It seems that the collapse of the euro, and possibly a global financial market correction, has become more likely than not in the next few year. It started with the fiscal disaster otherwise known as Greece, which has public debt equal to 166% of total GDP. But as time went on, Spain, Italy, Portugal, and Ireland all joined the race, with the latter four nations all faced with debts totaling to more than 100% of GDP (and let’s not even think about France’s 87% ratio of the same caliber) [see also Warning: Ignore Bill Gross’ Hard Money Prediction At Your Own Risk].
“It’s coming again” warned commodity legend Jim Rogers earlier this week. When asked about the future of the U.S. economy Rogers had a pessimistic outlook, as he feels that the global financial landscape is simply too volatile to avoid another recession. And what’s more, Rogers thinks this next one will be worse than 2008. He cites the recessions in 2002 and 2008, stating that the 2008 recession was so much worse because of higher debts. Now, in 2012, debts are even higher, leading Rogers to believe that the coming recession will be even worse [for more commodity news and analysis subscribe to our free newsletter].
Facebook Inc. (FB) rose 13% for its debut at $42.99, after a half-hour delay that mesmerized traders everywhere and slowed down the loading times of major financial portal Web sites. Shares had been priced at $38 on Thursday May 17, and were supposed to debut at 11 a.m. Eastern Friday, but were delayed for a short time on the Nasdaq exchange. All of this buzz is certainly exciting, and it’s quite easy to get wrapped up in the hype. Remembering the Google IPO, you ask yourself: is it time to scoop up a few FB shares, with the aim of making a quick buck?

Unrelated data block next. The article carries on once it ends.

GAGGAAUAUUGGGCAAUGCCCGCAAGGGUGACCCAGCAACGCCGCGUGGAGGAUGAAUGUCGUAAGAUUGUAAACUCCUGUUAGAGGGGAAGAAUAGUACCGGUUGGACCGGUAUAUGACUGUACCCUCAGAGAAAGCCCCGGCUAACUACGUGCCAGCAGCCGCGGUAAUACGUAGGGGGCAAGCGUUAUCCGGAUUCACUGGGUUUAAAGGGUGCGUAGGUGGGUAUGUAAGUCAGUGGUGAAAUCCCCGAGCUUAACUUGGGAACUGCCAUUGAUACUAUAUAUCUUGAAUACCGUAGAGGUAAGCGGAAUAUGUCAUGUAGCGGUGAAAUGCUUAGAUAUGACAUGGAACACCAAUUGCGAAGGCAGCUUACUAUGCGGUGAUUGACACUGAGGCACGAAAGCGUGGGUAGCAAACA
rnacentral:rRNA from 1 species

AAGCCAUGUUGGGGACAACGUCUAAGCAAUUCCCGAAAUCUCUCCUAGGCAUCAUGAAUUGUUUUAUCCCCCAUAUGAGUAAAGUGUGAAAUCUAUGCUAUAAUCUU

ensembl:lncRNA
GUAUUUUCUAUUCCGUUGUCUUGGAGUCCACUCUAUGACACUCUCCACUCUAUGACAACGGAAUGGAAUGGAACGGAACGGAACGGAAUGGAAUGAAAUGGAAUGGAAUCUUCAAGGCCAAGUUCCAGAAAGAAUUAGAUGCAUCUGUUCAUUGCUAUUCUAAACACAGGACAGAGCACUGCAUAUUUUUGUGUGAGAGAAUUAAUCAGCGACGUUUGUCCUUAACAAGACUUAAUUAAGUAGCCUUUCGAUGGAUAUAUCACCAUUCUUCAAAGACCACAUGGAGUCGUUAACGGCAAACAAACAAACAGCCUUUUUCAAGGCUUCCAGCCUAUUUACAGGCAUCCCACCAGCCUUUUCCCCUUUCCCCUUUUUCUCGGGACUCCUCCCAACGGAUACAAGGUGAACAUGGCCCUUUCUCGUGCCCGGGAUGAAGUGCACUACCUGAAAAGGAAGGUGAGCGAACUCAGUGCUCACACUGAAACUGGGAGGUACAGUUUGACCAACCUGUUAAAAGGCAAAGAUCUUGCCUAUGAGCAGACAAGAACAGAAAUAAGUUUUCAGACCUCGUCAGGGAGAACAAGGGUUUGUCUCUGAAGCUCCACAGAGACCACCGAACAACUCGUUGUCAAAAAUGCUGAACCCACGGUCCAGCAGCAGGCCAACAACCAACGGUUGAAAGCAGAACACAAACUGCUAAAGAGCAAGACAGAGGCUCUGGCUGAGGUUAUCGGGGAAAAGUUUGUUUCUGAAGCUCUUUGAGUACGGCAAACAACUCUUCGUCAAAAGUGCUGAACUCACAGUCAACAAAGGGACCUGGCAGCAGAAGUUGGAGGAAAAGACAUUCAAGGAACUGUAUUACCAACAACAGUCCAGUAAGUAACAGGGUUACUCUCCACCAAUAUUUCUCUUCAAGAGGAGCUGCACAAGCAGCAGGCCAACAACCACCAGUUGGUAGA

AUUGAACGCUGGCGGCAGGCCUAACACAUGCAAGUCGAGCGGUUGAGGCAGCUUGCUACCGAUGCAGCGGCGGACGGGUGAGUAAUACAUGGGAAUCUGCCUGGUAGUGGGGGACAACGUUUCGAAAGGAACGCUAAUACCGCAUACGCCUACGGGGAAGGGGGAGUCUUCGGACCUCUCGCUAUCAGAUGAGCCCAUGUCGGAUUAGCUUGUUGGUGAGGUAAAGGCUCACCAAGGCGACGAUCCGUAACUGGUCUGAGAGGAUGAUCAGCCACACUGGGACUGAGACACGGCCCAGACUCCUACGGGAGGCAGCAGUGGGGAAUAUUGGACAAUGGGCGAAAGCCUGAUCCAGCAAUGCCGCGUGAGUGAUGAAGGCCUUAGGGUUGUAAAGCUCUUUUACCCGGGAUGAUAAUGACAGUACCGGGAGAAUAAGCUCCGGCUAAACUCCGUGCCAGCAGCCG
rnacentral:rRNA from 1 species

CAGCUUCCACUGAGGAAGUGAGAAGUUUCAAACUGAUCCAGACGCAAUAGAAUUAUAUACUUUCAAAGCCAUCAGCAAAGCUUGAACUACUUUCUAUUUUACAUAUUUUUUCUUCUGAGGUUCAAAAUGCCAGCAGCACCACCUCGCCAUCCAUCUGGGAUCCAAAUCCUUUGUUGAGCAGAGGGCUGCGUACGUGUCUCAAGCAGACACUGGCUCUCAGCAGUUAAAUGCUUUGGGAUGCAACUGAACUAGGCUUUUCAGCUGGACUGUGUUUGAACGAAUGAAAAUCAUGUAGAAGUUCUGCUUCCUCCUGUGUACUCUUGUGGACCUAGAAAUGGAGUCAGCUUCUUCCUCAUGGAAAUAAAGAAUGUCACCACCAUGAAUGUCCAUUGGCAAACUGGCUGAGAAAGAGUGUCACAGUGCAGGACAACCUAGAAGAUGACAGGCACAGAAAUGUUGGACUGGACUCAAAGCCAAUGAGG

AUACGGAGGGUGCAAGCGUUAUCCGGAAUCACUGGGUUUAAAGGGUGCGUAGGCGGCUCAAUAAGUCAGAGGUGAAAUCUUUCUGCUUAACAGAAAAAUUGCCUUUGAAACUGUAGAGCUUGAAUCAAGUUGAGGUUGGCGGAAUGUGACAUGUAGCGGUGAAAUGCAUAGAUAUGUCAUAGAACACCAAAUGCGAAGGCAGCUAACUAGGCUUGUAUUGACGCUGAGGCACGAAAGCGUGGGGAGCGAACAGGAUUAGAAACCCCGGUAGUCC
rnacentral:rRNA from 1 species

Markets are nearing a critical moment in the year as earnings season draws to a close. After a strong first quarter, a number of blue chip firms are reporting strong earnings, keeping optimism levels high for the time being. But with euro debt problems arising in countries like Ireland, Spain, and Portugal, it seems like 2012 may repeat last year’s performance. After a strong beginning of the year, stocks were battered as the Greek debt crisis and a downgrade of U.S. debts wreaked havoc on trading. Those who were unfortunate enough to have equity-heavy portfolios were invariably slaughtered to close out the year, leaving frustration where there had been strong gains [see also Three Reasons Why Gold Is Overvalued].
Energy: I do not like the action in Crude so I advised clients to cut their shorts in half. Do not misinterpret me; I am not getting long but rather lightening up on short trades. Though I do not agree with the acceleration of commodities that we are seeing, I refuse to fight it. Hedgers should also start to wade into longs in heating oil and RBOB to protect from upside spikes. My suggestion is a long future against a sale of out of the money calls 1:1. High to low natural gas moved 30 cents. Tighten up stops just below the 18 day MA which should ensure at least a small profit unless we gap down tomorrow. My take is if we break that level we may get a chance to get one more buy below the $2 level…stay tuned.